Template-free Reconfigurable Nematic Defect-arrays for designing Self-organisable Topological Three-dimensional Elastomer responsive-Rafts


CALL: 2017

DOMAIN: MS - New Functional and Intelligent Materials and Surfaces

FIRST NAME: Venkata Subba Rao

LAST NAME: Jampani



HOST INSTITUTION: University of Luxembourg

KEYWORDS: Liquid crystal elastomers, Actuators, Topological defects, Reconfigurable defect arrays, Self-organization, Polymerizable templates, Laser writing, Color-responsive sensors.

START: 2017-11-15

END: 2020-10-14

WEBSITE: https://www.uni.lu

Submitted Abstract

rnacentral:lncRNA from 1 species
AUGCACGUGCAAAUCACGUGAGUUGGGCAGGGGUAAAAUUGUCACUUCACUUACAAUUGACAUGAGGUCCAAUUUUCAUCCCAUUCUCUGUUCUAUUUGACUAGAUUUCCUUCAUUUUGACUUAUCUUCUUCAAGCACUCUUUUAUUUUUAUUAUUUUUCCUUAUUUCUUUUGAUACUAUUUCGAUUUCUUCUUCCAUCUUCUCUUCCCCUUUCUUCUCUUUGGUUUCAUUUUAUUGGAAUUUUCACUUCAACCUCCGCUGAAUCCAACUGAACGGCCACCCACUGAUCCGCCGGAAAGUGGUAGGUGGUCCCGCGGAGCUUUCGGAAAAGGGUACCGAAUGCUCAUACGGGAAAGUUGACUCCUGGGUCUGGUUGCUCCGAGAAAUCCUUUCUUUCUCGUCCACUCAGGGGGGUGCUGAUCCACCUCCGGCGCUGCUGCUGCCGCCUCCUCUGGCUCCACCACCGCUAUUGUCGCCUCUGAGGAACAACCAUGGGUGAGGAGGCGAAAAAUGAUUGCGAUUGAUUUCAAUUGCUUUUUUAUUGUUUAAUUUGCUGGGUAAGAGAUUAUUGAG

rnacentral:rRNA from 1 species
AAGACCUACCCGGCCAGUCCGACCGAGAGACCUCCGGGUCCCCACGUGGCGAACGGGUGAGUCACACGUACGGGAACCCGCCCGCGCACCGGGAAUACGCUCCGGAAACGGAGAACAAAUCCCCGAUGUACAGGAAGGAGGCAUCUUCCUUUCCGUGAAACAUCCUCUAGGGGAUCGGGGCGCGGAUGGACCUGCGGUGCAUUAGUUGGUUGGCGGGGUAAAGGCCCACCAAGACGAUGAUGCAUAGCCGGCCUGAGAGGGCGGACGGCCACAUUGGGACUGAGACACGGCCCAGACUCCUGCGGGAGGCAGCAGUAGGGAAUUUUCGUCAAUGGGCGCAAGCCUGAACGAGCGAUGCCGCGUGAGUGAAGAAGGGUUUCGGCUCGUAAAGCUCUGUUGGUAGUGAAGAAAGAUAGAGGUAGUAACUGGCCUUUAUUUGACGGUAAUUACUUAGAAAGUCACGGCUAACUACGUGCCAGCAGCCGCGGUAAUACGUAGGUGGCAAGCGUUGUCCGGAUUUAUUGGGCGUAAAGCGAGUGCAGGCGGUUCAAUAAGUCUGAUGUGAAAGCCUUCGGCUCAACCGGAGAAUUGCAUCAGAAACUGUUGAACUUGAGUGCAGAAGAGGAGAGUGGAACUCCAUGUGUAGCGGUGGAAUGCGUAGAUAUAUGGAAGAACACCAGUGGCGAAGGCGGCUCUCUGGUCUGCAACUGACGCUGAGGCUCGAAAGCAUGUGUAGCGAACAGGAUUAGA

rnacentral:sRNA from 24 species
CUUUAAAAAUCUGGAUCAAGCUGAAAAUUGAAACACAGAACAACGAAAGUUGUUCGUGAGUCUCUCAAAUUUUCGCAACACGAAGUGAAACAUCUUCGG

Liquid crystal elastomers (LCEs) are rapidly gaining attention in today’s trend in materials science and technology. LCEs are weakly cross-linked polymers yet containing the LC core embedded into the polymer network which orients in a preferred direction thus an orientational symmetry breaking which reduces the conformational freedom of the polymer backbone, with a consequent entropy cost. When an external stimulus (e.g. heat or light) is applied that considerably reduces the long-range order, the symmetry breaking influence is reduced or disappears, allowing the polymer to adapt a more isotropic random coil conformation, that—due to the crosslinks—collectively results in a reversible macroscopic shape change. The key aspects defining the type of motion and strength of actuation are the quality of alignment in the LCE ground state and its topology. So far, LCE actuator design is limited to spherical geometries, due to the interfacial tension phenomena that govern microfluidic production, or to films produced on lithographically-patterned guiding substrates. To fully harness the potential of LCEs as soft actuators, we need alternative approaches to pattern the director field, preferably in 3D, across large areas. To this end, we here propose template-free reconfigurable nematic defect-arrays (‘trend’) for designing self-organizable topological three-dimensional elastomer responsive-rafts (‘setter’) for macroscale shape-changing systems with microscale motion control. We strongly believe that this approach offers many different topological structures and full control in defining the size and location of the defect. The proposed system is expected to deliver a smart, responsive, flexible material with functions of variable stiffness/variable friction, monolithic actuation, shear sensors, and stand-alone visible light active volatile organic compound (VOCs) sensors. More importantly, this system is free from being bound to specific fixed substrates, thus allowing it to be used in various challenging environments and also it opens a unique platform for studying the structure-property relationship of LCEs.

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